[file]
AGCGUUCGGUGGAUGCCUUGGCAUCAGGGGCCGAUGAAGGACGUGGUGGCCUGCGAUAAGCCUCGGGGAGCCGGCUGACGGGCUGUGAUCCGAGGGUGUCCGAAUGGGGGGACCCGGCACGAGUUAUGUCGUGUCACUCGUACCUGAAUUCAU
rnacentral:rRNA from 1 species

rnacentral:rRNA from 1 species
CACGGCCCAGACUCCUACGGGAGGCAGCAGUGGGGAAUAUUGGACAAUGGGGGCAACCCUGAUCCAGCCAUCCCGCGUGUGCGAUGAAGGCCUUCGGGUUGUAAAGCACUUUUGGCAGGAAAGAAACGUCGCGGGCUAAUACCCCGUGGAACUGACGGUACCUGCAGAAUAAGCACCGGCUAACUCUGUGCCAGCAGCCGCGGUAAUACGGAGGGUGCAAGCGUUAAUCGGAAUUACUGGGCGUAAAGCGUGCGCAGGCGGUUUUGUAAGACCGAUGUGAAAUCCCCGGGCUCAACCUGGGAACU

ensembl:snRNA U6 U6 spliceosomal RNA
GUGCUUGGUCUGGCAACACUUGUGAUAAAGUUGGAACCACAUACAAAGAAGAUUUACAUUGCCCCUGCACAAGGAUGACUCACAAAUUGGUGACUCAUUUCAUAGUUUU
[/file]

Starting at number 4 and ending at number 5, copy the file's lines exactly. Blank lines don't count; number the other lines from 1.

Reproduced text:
CACGGCCCAGACUCCUACGGGAGGCAGCAGUGGGGAAUAUUGGACAAUGGGGGCAACCCUGAUCCAGCCAUCCCGCGUGUGCGAUGAAGGCCUUCGGGUUGUAAAGCACUUUUGGCAGGAAAGAAACGUCGCGGGCUAAUACCCCGUGGAACUGACGGUACCUGCAGAAUAAGCACCGGCUAACUCUGUGCCAGCAGCCGCGGUAAUACGGAGGGUGCAAGCGUUAAUCGGAAUUACUGGGCGUAAAGCGUGCGCAGGCGGUUUUGUAAGACCGAUGUGAAAUCCCCGGGCUCAACCUGGGAACU

ensembl:snRNA U6 U6 spliceosomal RNA